Al-Iraqiyah devotes its weekly programme “The Iraqi podium” carried between 1420 and 1500 gmt on 25 September, to polling normal Iraqis on the Iraqi constitution over the telephone. Al-Iraqiyah presenter Adnan al-Ta’i puts forward the topic of discussion: “Do you approve of the draft constitution?” . . .
Some callers, however, raise concerns about the possibility of having multiple currencies according to the number of federal regions, in addition to the status of Islam in the constitution.
Similarly one caller expresses reservations towards the omission of “Article 44” in the constitution concerning international human rights agreements. The caller contends that the purpose of the omission was “political” and aimed at protecting the US forces from any possible “lawsuits” that might be filed against them by Iraqi citizens.
Shortly before the end of the episode, Al-Ta’i receives a call from a resident of Maysan, who says: “The residents of Maysan have not received copies of the draft constitution and do not understand anything related to it.” Al-Ta’i interrupts the caller by saying that the copies have not yet been distributed, but can be accessed through the internet or through Al-Sabah newspaper. Audio is then lost and the programme ends. ‘
Yeah, like that Marsh Arab in Maysan province had internet access.
Also from BBC World Monitoring, Shaikh Muhammad al-Ya`qubi, leader of the Fadila (Virtue) Party, an offshoot of the Sadr movement, says his followers are free to vote as they like on the constitution:
‘ HEADLINE: Iraqi Shi’i cleric denies recommending vote against constitution
SOURCE: Shi’i News Agency, Mount Lebanon, in Arabic 24 Sep 05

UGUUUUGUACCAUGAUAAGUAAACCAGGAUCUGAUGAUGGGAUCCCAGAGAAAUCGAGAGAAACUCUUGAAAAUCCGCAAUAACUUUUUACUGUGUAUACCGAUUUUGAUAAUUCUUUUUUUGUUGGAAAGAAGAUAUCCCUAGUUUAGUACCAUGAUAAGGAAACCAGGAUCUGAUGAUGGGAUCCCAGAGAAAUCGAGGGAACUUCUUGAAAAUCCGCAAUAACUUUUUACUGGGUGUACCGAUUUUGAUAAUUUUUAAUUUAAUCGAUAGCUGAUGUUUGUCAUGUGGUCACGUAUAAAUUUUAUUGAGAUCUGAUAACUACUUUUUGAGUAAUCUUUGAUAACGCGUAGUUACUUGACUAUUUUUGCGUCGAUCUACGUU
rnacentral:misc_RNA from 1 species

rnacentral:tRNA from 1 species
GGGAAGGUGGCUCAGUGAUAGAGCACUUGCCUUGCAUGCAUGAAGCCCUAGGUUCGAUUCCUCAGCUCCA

Text of report dated 24 September entitled “Al-Ya’qubi denies recommending Iraqis to vote against the constitution on referendum day; His eminence leaves the door open for the Iraqi people to vote for the constitution and stresses that to vote against the constitution is not part of his calculations” published by Lebanese-based Shi’i News Agency website
[Shi’i] Religious Authority Ayatollah Al-Shaykh Muhammad al-Ya’qubi, resident of Al-Najaf in Iraq, has denied recommending to the Iraqi people that they vote against the new Iraqi constitution on the day of the referendum, scheduled for 15 October.
His eminence added that he leaves the door open for the Iraqi people to vote for the constitution, stressing that voting against the constitution is not part of his calculations.
A number of Arab and foreign media outlets, including the [British] Daily Telegraph, had reported from Al-Najaf that Al-Ya’qubi recommended that the Iraqi people vote against the new Iraqi constitution, which will be put to referendum in mid October. His eminence categorically denied such reports, considering them as fabrications and lies. He added that these reports aim to fragment the unity of the Iraqi national rank and distort the positions of its religious and political leaders, who are known for their great concern for Iraq and its people, as well as for their keenness on the progress of the new political process. ‘